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What is a quantum fluctuation

  1. Dec 9, 2015 #1

    wolram

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    What is a quantum fluctuation and how do they form a seed for black holes?:
     
  2. jcsd
  3. Dec 9, 2015 #2
    Quantum fluctuations are simply a variation in the vacuum energy of a point in space.

    As far as I know, black holes are formed by the accumulation of mass. Once a critical amount is acquired within a specific region of space the mass collapses to form a black hole.

    There are theories about the possibility of micro-black holes, but no one has observed/detected any and it is simply a theory.
     
  4. Dec 9, 2015 #3

    wolram

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    I thought it was big bang, plasma, quantum fluctuation, black hole, or some form of creation from a QF.
     
  5. Dec 9, 2015 #4

    PeterDonis

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    Can you give a reference that describes a specific model of primordial black hole creation from quantum fluctuations?
     
  6. Dec 10, 2015 #5

    wolram

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    No Peter i can not, but from what i can find out in the literature, by my understanding, is that a quantum fluctuation is the seed for producing massive bodies, i am still looking for confirmation.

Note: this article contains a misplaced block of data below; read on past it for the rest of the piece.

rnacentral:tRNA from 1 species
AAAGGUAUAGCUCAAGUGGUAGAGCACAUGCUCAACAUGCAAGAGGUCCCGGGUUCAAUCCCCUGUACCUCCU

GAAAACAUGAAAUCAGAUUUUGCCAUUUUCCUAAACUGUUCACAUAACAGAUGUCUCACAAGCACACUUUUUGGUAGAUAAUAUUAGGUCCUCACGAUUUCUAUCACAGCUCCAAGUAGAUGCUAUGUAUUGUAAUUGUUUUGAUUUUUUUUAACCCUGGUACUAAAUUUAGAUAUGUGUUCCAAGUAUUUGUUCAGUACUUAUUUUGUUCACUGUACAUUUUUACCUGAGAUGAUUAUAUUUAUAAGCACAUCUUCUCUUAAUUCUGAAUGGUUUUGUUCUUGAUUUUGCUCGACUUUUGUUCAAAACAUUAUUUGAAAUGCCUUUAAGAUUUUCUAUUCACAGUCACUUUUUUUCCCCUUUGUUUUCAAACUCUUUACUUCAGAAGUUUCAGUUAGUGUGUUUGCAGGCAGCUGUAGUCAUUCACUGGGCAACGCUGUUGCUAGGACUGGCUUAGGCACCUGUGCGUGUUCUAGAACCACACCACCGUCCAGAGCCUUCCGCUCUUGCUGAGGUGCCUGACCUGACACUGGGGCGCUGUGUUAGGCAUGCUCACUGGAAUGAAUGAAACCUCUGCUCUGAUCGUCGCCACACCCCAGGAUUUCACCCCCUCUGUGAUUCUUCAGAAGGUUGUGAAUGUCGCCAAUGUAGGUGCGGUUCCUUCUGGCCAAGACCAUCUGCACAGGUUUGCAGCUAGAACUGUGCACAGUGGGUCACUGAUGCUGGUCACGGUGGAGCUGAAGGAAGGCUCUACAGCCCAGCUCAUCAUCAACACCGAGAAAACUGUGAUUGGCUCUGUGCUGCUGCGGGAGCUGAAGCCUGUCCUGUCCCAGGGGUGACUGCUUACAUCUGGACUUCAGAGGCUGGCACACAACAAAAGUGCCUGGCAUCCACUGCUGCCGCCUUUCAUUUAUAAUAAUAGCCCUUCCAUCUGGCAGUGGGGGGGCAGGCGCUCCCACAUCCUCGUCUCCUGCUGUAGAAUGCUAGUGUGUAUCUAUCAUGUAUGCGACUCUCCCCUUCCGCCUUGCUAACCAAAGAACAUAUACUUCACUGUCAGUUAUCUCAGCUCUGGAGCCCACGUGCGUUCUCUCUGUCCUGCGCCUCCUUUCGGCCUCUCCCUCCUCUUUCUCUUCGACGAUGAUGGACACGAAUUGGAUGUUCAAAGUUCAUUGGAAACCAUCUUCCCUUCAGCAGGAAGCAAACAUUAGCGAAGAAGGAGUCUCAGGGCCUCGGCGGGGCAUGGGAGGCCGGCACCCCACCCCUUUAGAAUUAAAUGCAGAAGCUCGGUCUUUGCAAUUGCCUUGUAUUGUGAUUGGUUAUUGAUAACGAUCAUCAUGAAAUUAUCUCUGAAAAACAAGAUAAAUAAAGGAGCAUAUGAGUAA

https://www.newscientist.com/article/dn16095-its-confirmed-matter-is-merely-vacuum-fluctuations/

    I have found this article that states that matter is all quantum fluctuations.

    And this article on primordial black holes.

    https://en.wikipedia.org/wiki/Primordial_black_hole


    According to the Big Bang Model, during the first few moments[clarification needed] after the Big Bang, pressure and temperature were extremely high. Under these conditions, simple fluctuations in the density of matter may have resulted in local regions dense enough to create black holes. Although most regions of high density would be quickly dispersed by the expansion of the universe, a primordial black hole would be stable, persisting to the present.
     
    Last edited: Dec 10, 2015
  7. Dec 10, 2015 #6

    PeterDonis

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    First, this article gives no references to actual peer-reviewed papers, which is always a red flag. You need to find some actual papers.

    Second, the actual models described in the article, as far as I can tell (without having a link to an actual paper), do not say that "matter is all quantum fluctuations". They only say that most of the mass of, say, a proton is due to the energy associated with virtual particle fluctuations, not the mass of the valence quarks that make up the proton. But the valence quarks are certainly there, and they are not just "fluctuations", and the model does not say otherwise. "Matter is merely vacuum fluctuations" is typical New Scientist exaggeration.

    These fluctuations are not quantum fluctuations; they're just ordinary thermal fluctuations, the same as happen in any piece of matter with a finite temperature.
     
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